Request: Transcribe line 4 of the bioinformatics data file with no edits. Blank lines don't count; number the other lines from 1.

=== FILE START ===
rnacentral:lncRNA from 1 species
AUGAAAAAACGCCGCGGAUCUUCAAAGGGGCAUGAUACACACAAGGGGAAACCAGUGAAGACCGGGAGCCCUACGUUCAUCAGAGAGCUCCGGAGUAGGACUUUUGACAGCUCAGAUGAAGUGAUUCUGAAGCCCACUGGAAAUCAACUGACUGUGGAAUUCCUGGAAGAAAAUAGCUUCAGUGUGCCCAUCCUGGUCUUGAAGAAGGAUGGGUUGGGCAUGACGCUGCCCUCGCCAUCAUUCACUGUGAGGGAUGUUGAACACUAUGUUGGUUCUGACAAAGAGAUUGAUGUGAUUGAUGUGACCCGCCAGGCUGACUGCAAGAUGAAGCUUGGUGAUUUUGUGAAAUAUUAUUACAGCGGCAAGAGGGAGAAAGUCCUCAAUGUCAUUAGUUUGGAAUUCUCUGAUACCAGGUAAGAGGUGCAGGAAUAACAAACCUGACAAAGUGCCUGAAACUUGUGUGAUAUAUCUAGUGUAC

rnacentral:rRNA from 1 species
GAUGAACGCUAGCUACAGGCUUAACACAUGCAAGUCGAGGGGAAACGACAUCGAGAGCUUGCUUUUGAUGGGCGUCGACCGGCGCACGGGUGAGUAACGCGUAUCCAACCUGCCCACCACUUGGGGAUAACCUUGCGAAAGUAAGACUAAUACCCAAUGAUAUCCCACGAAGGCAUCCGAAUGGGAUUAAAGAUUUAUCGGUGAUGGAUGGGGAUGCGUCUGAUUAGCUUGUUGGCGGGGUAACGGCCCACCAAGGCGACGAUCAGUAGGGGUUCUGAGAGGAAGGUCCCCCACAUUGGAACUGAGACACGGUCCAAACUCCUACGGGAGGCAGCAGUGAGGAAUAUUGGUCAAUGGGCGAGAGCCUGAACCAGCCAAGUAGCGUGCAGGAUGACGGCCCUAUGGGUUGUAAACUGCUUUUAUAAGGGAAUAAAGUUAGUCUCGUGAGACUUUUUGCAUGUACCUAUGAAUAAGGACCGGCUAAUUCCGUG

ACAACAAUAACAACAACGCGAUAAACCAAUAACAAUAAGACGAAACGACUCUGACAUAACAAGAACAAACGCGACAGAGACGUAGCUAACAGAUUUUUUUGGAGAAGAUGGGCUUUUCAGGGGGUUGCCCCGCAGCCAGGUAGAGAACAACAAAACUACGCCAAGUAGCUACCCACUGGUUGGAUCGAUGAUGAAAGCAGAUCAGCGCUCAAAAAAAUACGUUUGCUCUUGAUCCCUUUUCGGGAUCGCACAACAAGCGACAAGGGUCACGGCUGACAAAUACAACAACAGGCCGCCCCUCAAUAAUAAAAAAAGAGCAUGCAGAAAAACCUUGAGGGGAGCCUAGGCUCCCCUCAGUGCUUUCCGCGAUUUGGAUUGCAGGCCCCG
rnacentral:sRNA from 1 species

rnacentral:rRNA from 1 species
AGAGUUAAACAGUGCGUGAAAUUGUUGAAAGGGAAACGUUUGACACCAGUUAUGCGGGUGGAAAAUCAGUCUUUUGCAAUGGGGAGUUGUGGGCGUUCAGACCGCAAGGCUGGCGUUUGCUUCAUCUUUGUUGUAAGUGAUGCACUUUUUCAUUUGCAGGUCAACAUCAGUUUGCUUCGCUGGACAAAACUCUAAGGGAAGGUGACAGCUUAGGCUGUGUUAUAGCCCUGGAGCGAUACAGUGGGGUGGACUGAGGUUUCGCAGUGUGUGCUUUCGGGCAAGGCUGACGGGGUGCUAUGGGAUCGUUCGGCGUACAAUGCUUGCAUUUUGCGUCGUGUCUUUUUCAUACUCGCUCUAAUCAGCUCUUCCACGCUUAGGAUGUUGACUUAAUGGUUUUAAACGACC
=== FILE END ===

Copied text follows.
GAUGAACGCUAGCUACAGGCUUAACACAUGCAAGUCGAGGGGAAACGACAUCGAGAGCUUGCUUUUGAUGGGCGUCGACCGGCGCACGGGUGAGUAACGCGUAUCCAACCUGCCCACCACUUGGGGAUAACCUUGCGAAAGUAAGACUAAUACCCAAUGAUAUCCCACGAAGGCAUCCGAAUGGGAUUAAAGAUUUAUCGGUGAUGGAUGGGGAUGCGUCUGAUUAGCUUGUUGGCGGGGUAACGGCCCACCAAGGCGACGAUCAGUAGGGGUUCUGAGAGGAAGGUCCCCCACAUUGGAACUGAGACACGGUCCAAACUCCUACGGGAGGCAGCAGUGAGGAAUAUUGGUCAAUGGGCGAGAGCCUGAACCAGCCAAGUAGCGUGCAGGAUGACGGCCCUAUGGGUUGUAAACUGCUUUUAUAAGGGAAUAAAGUUAGUCUCGUGAGACUUUUUGCAUGUACCUAUGAAUAAGGACCGGCUAAUUCCGUG